Deleting on most operating systems takes two stages – adding to a bin or trash can, then permanently removing it from that bin. Be careful how you describe your action – don’t call it a bin if it’s really a delete.
Provide an ‘Undo’ option.
Sometimes even if you ask them four times a user will still delete something they did not intend to. Provide an option to reverse this mistake. Apply the Undo to other common actions – archiving or moving content, changing certain settings and so on.
Create positive responses to negative actions.
If an error occurs, provide the user with the means to correct it – either themselves or via a contact or help point. If that’s not possible, explain what the error was so they can avoid it in future.
Be consistent to: 1) your application – 2) to your platform – 3) to your products – 4) to your brand.
Consistency makes your users feel comfortable. It’s not always possible to retain full consistency across everything you create (under one brand), but you should at least maintain local consistency within your application. Keep the colour palette the same. The icons. The fonts. The position of elements.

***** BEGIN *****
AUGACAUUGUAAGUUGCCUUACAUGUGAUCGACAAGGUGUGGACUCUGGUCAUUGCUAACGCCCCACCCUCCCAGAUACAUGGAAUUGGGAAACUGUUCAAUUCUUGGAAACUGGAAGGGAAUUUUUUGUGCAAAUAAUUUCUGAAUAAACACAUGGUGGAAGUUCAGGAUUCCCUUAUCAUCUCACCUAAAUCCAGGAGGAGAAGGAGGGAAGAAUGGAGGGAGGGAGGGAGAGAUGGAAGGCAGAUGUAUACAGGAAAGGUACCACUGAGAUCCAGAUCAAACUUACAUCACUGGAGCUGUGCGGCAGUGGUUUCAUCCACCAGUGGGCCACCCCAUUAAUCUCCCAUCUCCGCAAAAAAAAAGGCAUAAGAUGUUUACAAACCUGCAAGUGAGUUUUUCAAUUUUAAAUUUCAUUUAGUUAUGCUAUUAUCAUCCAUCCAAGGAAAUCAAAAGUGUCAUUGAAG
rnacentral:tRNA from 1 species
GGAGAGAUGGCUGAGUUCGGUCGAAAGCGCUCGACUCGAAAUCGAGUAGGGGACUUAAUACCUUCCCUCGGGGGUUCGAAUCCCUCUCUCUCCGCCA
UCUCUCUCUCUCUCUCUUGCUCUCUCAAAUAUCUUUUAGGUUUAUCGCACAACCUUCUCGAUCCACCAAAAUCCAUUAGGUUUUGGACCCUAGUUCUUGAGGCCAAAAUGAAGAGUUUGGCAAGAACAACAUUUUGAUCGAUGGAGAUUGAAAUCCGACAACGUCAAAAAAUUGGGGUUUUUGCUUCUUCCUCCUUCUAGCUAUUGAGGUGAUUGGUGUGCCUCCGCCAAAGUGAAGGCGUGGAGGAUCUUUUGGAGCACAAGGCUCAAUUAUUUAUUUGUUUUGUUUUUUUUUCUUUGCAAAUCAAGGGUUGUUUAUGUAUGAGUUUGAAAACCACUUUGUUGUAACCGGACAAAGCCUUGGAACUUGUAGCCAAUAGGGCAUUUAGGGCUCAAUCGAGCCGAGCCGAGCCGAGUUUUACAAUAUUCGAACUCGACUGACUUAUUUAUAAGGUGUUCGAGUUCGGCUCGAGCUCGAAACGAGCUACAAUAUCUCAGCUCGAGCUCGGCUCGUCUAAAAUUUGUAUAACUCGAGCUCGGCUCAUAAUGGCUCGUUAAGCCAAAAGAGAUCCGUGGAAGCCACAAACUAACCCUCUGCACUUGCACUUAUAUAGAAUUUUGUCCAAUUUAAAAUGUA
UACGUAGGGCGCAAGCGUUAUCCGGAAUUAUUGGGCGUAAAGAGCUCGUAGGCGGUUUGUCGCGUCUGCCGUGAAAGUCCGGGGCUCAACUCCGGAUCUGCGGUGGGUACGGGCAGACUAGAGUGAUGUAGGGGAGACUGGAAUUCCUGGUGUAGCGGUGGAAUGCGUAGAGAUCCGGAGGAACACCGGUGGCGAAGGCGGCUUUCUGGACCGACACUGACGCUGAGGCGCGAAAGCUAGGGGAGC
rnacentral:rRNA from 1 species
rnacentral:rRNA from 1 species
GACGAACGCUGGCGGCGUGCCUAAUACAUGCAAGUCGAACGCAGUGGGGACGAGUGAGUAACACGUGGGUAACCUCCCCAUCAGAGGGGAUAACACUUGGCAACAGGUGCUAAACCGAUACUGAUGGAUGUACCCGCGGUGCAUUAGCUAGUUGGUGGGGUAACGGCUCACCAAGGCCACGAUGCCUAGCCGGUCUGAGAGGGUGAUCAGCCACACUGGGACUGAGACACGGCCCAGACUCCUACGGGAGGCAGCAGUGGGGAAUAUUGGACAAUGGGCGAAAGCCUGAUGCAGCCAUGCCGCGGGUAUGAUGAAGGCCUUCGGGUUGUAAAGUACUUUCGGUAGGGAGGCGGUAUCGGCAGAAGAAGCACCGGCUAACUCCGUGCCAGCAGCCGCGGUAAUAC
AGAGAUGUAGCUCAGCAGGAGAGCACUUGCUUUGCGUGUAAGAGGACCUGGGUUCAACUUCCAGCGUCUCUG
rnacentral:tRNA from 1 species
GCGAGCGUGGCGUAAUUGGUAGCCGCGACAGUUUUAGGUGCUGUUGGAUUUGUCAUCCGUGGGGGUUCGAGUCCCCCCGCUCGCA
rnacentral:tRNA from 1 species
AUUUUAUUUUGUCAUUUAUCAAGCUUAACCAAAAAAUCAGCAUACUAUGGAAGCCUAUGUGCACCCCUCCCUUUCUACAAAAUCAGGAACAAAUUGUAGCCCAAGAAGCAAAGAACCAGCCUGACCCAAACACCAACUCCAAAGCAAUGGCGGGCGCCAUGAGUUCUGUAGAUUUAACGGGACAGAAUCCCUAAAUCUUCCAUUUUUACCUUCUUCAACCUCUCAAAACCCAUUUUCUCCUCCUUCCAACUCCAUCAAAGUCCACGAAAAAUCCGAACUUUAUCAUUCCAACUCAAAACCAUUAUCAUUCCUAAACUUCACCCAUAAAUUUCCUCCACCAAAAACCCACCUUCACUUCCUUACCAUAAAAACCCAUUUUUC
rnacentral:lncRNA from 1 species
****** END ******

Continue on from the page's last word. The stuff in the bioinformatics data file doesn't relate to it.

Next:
Extend this to everything on your current platform. If you have a phone application, a web app, a website and stationery under the same platform – maintain consistency across it all.
Consistency is more than just the same fonts.
Being truly consistent means following trends within elements like buttons, fonts and icons – but also within colours, layout and interactivity. Make your feedback messages the same. Keep the same shortcuts. Allow your users to develop familiarity and become confident that things will behave the same.
Be consistent with the web.
Web apps and websites have their own internal consistency – buttons are clicked, scrollbars are dragged. A house icon takes you home, a question mark provides help, underlined text can be clicked. Fail to maintain this common language at your peril – users have built up years of experience and any deviation will cause irritation and confusion.
Resist fashion trends.
The web moves too quickly – whilst you’re implementing this months trend, designers are coming up with next months. At larger firms, interfaces take years to develop – when Apple rolled out their “flat design” iOS7 the rest of the web had been using flat design for months. It was already becoming passé.